India will be a global price setter in fertilisers by 2024: Mandaviya

New Delhi, January 13

Fertilizers Minister Mansukh Mandavia said on Thursday that his country, as one of the largest consumers, will set global fertilizer prices in 2024, not the few suppliers that are doing so now, signaling confidence in India’s strength in transitioning to alternative nutrients.

In his speech before a workshop on monophosphate fertilizers (SSP), which is considered an alternative to diammonium phosphate (DAP), the minister said: “Fertilizer prices have so far been set by global players. In 2024, India will set the price of fertilizers. I have told global suppliers that we can provide alternative fertilizers. India has done so in the case of DAP, by promoting the SSP. We will ensure that farmers are not harmed.”

Mandaviya also said he was encouraging companies not to import DAP above a certain level and that global prices are declining as a result. “We will drop DAP below $650/ton this month. By the end of March, DAP will drop to its previous price (before the Russo-Ukrainian war), he said.

Imported DAP fell to $743 a ton in November 2022, from a peak of $945 in July. In August 2020, DAP was imported at $336 a ton, after which prices started to climb, reaching last year’s highs.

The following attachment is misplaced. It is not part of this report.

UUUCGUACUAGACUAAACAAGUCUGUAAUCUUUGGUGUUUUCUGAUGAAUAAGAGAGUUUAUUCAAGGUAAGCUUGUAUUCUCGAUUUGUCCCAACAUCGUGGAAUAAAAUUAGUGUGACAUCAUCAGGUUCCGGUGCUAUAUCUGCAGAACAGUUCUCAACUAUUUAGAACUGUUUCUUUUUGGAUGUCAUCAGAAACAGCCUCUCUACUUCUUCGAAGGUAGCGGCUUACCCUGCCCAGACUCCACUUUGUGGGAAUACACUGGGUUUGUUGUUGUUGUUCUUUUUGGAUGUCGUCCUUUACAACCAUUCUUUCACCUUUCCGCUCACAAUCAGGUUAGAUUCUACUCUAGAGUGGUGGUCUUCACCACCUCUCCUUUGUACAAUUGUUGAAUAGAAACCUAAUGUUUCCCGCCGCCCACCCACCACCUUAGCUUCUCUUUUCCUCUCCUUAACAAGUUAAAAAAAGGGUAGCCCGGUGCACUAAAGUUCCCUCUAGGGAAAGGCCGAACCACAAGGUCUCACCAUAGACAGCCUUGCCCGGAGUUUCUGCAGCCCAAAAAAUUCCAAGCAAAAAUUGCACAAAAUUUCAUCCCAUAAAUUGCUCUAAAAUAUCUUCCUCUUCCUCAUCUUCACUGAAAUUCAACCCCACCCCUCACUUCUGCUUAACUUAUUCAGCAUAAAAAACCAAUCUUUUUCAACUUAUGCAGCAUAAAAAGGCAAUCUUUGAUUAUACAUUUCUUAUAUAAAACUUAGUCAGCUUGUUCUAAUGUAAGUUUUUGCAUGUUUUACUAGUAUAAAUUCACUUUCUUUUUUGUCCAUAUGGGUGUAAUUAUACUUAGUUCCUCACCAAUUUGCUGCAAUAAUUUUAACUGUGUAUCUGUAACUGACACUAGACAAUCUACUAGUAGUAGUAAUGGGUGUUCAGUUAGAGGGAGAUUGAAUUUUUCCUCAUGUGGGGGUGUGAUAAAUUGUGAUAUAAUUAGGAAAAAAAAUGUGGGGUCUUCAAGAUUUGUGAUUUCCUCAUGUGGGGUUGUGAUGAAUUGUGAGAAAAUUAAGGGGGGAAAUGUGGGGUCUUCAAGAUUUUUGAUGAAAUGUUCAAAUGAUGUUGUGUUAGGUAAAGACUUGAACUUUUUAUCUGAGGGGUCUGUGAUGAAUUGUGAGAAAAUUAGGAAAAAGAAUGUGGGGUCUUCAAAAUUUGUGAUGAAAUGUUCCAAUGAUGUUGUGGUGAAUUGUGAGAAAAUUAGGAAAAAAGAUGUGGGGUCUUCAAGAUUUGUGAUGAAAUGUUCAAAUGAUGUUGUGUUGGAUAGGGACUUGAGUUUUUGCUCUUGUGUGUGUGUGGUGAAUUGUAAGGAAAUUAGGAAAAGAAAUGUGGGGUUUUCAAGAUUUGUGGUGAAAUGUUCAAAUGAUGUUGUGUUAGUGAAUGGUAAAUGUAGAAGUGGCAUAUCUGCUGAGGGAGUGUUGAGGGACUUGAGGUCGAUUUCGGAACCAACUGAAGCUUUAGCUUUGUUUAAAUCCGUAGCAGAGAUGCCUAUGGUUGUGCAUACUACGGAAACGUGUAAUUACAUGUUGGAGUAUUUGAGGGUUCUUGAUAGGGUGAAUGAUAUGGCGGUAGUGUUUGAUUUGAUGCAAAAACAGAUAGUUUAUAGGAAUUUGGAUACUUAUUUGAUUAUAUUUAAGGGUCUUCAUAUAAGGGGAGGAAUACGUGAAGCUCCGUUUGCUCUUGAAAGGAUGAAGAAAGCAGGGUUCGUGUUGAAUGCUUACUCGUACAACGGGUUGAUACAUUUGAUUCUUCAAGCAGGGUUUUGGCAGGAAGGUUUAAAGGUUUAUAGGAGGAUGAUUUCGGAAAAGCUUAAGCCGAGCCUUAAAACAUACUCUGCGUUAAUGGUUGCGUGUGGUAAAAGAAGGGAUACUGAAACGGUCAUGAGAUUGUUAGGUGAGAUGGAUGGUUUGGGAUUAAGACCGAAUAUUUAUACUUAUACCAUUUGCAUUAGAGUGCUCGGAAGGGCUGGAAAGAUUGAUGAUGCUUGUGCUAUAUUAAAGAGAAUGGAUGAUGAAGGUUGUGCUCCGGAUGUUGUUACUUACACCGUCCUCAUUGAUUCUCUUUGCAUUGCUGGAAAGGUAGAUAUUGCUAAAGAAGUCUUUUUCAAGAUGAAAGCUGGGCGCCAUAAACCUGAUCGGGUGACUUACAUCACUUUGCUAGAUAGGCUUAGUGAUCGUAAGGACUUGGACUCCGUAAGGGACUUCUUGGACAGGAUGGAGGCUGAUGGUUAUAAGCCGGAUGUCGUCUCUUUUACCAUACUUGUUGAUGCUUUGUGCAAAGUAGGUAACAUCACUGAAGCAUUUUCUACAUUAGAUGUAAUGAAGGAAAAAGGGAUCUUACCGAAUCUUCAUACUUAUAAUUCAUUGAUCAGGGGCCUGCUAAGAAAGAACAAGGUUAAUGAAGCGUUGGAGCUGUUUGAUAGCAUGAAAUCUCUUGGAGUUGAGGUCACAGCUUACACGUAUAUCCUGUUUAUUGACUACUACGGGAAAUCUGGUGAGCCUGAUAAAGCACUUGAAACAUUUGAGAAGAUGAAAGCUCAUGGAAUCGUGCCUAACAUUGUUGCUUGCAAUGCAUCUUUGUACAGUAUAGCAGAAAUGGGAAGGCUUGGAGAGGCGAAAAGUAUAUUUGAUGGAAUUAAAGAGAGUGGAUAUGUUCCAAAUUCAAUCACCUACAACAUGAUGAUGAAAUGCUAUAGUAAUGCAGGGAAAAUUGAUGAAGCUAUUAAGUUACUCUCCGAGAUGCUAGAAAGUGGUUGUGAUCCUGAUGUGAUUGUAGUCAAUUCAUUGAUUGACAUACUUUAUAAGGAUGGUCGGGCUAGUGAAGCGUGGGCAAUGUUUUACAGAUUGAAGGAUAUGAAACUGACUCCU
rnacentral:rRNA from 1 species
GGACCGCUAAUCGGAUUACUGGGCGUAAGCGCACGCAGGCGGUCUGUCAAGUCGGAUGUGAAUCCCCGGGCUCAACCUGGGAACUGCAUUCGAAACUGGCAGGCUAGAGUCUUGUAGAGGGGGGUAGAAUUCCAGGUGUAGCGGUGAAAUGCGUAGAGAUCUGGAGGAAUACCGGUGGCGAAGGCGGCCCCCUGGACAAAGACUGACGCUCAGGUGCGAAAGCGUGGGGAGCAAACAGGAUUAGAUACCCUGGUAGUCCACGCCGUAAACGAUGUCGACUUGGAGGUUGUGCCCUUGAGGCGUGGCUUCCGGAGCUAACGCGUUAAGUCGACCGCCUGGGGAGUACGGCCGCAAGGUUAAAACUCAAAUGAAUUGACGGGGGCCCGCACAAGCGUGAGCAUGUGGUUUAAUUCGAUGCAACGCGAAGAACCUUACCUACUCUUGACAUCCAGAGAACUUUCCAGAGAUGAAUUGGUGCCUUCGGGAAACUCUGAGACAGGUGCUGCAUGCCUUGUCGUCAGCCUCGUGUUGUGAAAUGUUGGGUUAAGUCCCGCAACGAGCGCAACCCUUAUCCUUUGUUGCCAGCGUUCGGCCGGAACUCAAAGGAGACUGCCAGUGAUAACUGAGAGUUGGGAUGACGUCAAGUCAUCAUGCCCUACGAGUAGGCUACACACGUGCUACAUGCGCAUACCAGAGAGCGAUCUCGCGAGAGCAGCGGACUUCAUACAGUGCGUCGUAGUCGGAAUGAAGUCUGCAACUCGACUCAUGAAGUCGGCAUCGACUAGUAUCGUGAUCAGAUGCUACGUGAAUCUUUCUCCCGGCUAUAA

The minister also said that several global suppliers have signed three-year agreements with Indian companies to secure supply. Global companies have realized that if India stays where it is, demand will not be created. He added that if the supplying country refuses, two more countries must be willing to meet the country’s import requirements.

Urging SSP manufacturers to explore demand in neighboring countries, Mandaviya offered to facilitate exports so that the units could be run at capacity. For 120,000 tonnes of installed capacity in 101 units, SSP production in 2022-23 is estimated at 55-56 liters, which the industry attributed to lower demand. Moreover, SSP sales are likely to decline by 9 percent, industry officials said.

In response to requests from SSP manufacturers, the minister said that unless the industry regains the confidence of farmers by not compromising on quality, local demand will not rise. The Minister of Fertilizers has asked SSP manufacturers to emulate the model of the Australian wine industry, for which the government will provide all necessary support. In Australia, the wine industry has assured that it will maintain quality, and the government has given them the power to take action against members who do not meet the standards.

The industry is preparing a detailed proposal proposing two SSP parks – one in Visakhapatnam on the east coast, and one in Bhavnagar on the west coast, said Arvind Chaudhary, managing director, Fertilizer Association of India.